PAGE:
We read that, on average, local council budgets have been cut by 26% since 2010. Northamptonshire is bankrupt in all but name; it intends to close 21 of its 36 libraries. Somerset and Lancashire are cutting services back to the bare minimum required by law. East Sussex has warned of future bankruptcy unless it receives a big cash boost. At the Tory Party Conference in Birmingham last week, Chancellor Philip Hammond told the BBC: 'National debt is still too high. There is light at the end of the [Austerity] tunnel .... but we are still in the tunnel at the moment.' Scant hope of relief there for the anti-Austerity campaigners pointing out that the boring machines have been grinding away since April 2010 and still there's no end to their pulverising.
Menagerie Theatre from Cambridge, in this opening date of a 19-venue tour, has created its commentary on Austerity in the form of a 60 minute play followed by a rôle -playing debate on issues raised by the drama. So we had two strands to our evening, one of which I thought a fair bit more successful than the other.
After a brief introduction by director/scriptwriter Patrick Morris, we launched into a short speech by local councillor Beagley, terminating in a 'no questions' prohibition. The tone was thus set: obdurate authority versus individual, human need, with single-parent Megan Knowles struggling with her housing, children, family relationships, working hours, transport – and all against an insidious background of debt. Her sister's partner Boxer preys upon her, luring her in with his slippery suggestions of jam tomorrow laced with dire warnings of disaster at the door. We see Megan at work as a carer, falling foul of a harassed manager who copes by passing her own stress on down the line to her subordinates. We see the effects of contract outsourcing to for-profit providers, the attempts by politicians to shovel their responsibility up or down the blame chain, and the numbing effect on Megan of the advice and admonitions and predictions of worse to come that cascade upon her head.
All very worthy, but worthiness alone does not make for satisfying theatre. Judged as drama, I felt the script was somewhat basic, falling into something of a limbo between full-blown agit-prop polemic, where you line up your enemy in your sights and then fill him with grapeshot from both barrels of your blunderbuss. Or you go at the thing with a bit of artistic delicacy, couching your message in a way aspiring to a bit of universality through suggestion and metaphor. As it was, even allowing for the short running time, the language of the script was no more than functional, the situations a little lacking in individuality and occasionally cartoonish, and the characters inclined to flatness rather than rounded in profile.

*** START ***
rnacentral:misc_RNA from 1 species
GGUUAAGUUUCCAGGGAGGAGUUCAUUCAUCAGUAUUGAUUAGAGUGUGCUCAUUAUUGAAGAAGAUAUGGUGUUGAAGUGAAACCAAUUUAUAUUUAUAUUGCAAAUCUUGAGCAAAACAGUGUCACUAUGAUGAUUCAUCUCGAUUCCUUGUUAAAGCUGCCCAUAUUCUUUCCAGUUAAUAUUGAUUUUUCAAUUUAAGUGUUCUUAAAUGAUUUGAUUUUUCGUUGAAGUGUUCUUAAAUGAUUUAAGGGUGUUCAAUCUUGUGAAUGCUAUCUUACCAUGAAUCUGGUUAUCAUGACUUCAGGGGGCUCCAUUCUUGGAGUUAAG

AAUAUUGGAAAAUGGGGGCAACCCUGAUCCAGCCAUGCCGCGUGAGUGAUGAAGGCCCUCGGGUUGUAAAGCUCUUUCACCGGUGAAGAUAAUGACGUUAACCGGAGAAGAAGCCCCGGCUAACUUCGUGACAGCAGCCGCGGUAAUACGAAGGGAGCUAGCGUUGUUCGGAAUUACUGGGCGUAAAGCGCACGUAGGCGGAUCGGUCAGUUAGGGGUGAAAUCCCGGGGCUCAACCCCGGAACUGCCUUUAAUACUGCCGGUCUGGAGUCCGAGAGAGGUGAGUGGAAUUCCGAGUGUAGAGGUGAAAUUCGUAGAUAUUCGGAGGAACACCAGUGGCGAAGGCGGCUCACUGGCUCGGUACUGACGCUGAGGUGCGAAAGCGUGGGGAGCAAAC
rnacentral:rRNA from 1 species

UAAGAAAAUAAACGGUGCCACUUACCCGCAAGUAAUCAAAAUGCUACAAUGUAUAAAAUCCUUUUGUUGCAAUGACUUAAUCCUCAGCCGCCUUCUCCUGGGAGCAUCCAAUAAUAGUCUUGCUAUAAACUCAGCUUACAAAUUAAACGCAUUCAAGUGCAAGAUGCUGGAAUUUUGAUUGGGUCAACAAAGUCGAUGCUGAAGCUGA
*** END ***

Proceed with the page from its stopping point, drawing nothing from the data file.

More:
The set was a jumble of bare metal-framed units and screens, bearing the odd slogan or pub indicator or suggestion of a council office. Like the drama itself it rather occupied a no man's land, neither naturalistic nor emblematic, almost more of a distraction than a help; and the scene changes where the units were constantly being arranged and re-arranged seemed to take quite a long time, and then to little effect.
Three actors took five rôles between them. Neal Craig differentiated slickly his councillor/boyfriend/debt shark for Paradise Loans ('I'm just the collector!'), and I liked his varied body language. Hayley Wareham's Megan in baggy trousers and trainers had to contend with an underwritten rôle, and she struggled to make of her character much more than a stereotype, especially in her long monologue near the end. Caroline Rippin, though, did wonders with her part; a tough manager but just hinting at insecurities below the shell; a sister in peach high heels with plenty of sympathy but not purblind. Excellent energy, variation in voice and stage presence.
But what a transformation after the interval! Patrick Morris expertly led the extended debate, guiding us firmly but democratically as audience and actors explored the implications of Austerity through examining scenes of the play and extending them through audience input.
From a series of thoughtful interventions from a dozen members, Emma Bliss made a probing contribution, Suzanne Bell introduced humour to her denunciation of zero-hours contracts, Jo Taylor-Woods, present with a group of friends from Woodcraft Folk https://woodcraft.org.uk/ was a fluent poser of pertinent questioning of the Councillor, and Rowan Padmore, a staff member of The Old Fire Station, gave a sympathetic demonstration of one-to-one support to a woman in need. Caroline Rippin again impressed, this time with her ability cleverly to stay in character without a script.
A bit of a curate's egg, then, but Austerity is such a vital and seemingly endless feature of our society, one that challenges the very basis of our Welfare System, that this piece of Forum Theatre makes for required participation by people ready to watch, think and then speak up..